of course i'd been crying already earlier but this is the reason it got to me when she said this about my son: every time in my life when i've been honest, done the right thing, or stood up for what i believe in against others who don't understand or don't care, i've ended up with the short end of the stick. it just hurts so much to know that my beautiful son is growing up with integrity but where is it going to get him? i don't mean to sound cynical. i know that truly in the eyes of God we have to do what is right no matter what happens in the world. it just truly breaks my heart that it does not seem to make a difference particularly in the business world. i remember in high school i worked at randall's grocery store, and my boyfriend was in the military and leaving for overseas and i decided to call in to work to try to take the day off. i told them the truth, that my boyfriend was leaving and that i would not see him for many months and i wanted the time to spend with him. i could have called in sick and lied. but i told the truth and i was fired for it.

i really try to do my best in everything i do in life. i don't always succeed. i make many mistakes. i see my mistakes and i take responsibiity for my mistakes. but it is not usually returned. i am fortunate that the friends who are with me through the years are those kind of people. i think we need something to change this unfortunate tendency in the world but i don't know the solution. i see that everytime in the business world you apologize and take responsibility the other side just says "yep you were wrong - see ya." my car floor is covered with books like "principle centered leadership," "winning with integrity," and others but at the end of the day where did it get me to try to figure out how to do the right thing, how to stand up for what i believe in and tell my truth?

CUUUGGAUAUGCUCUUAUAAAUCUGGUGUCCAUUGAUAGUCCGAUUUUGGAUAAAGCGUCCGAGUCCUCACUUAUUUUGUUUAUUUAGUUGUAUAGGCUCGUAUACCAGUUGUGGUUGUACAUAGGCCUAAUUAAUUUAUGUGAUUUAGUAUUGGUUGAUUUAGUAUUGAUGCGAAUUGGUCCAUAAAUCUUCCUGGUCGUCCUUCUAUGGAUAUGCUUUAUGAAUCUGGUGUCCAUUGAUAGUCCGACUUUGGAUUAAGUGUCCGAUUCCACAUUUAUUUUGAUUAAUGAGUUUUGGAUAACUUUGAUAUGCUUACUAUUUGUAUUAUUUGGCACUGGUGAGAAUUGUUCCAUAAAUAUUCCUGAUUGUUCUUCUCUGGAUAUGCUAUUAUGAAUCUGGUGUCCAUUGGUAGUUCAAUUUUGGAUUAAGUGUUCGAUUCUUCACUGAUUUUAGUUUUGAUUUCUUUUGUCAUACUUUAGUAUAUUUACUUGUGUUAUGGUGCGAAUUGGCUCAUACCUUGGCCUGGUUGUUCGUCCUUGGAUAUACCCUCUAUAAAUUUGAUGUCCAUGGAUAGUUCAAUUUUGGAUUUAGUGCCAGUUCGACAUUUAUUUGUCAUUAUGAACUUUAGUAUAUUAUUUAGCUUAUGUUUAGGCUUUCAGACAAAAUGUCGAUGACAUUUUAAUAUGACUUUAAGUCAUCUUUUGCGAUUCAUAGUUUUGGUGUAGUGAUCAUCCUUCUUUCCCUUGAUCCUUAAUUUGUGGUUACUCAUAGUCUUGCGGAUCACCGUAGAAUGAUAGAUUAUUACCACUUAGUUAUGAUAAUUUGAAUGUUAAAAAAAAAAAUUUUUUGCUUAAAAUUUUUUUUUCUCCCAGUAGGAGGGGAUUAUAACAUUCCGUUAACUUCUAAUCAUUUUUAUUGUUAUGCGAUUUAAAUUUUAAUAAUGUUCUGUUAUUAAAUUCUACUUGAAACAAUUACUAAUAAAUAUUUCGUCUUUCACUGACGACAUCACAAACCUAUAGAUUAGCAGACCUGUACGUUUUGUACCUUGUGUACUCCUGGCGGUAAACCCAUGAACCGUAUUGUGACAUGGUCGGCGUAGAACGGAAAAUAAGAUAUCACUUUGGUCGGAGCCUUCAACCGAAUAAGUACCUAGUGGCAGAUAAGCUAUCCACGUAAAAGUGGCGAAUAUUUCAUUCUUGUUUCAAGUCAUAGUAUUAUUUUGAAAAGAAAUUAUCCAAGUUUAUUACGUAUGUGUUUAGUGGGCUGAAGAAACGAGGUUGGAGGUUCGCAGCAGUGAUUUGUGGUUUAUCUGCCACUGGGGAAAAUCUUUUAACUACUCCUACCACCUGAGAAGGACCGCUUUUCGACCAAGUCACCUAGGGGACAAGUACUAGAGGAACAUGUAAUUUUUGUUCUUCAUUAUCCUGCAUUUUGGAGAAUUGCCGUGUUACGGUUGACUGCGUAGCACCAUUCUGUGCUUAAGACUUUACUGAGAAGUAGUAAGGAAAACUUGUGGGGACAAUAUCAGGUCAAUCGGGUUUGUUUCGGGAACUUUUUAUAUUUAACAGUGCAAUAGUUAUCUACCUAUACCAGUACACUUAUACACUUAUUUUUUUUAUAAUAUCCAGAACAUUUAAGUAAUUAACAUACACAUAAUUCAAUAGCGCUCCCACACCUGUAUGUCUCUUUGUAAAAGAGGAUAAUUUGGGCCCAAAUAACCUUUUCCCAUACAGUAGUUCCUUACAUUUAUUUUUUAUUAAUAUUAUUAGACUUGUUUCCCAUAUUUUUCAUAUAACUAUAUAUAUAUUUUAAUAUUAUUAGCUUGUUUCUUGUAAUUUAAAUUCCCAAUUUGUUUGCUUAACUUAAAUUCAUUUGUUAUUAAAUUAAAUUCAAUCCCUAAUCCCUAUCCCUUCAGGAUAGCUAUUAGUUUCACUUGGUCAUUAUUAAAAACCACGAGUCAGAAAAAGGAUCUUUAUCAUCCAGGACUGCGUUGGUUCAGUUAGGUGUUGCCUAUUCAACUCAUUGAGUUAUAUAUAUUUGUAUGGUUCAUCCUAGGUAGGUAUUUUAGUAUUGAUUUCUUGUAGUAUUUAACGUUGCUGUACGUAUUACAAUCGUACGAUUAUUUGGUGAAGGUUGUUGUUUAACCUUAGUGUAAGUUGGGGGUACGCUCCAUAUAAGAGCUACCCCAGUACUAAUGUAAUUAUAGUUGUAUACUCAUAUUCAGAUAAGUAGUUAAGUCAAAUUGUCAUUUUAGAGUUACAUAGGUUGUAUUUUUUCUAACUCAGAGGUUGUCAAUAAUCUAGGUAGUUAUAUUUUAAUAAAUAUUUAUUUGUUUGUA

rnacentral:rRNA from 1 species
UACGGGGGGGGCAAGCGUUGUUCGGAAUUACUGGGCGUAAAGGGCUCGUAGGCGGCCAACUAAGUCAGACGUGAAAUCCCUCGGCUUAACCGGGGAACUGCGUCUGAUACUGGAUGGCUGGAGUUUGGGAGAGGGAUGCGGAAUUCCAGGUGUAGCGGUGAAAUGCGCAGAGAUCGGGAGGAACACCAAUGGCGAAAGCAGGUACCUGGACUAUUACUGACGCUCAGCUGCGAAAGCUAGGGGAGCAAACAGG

but then i read the end of tuesdays with morrie to my kids tonight, and it broke me up how this young man, this sports writer put his face up to the old dying man's and they told each other they loved each other and how the one taught the other how to open up and be vulnerable. i could barely continue reading. i know that this is what really matters in life - being true and vulnerable and giving love, even when its hard. i thought of my own parents and how hard it will be to see them grow old and die and how much i want them to know how much i love them. i thought of how i sometimes mentally disconnect from my own kids because i was disconnected from my parents when i was a kid and i love my kids so intensely yet that same intensity scares me and i don't want to get too close. i have a good relationship with them and i am so much more patient with them now that i am single but i also am not their best friend the way celeta was with me. i am constantly guilty of working too much and not spending the time i vow i will with them. i guess i just know that i have to continue to live the best life i can with the most integrity i can no matter what holes i inevitably dig for myself, just try to learn more and more about how to be honest yet at the same time to self-protect.

life is just so confusing sometimes.

Sunday, October 16, 2005

i don't care, you can't make me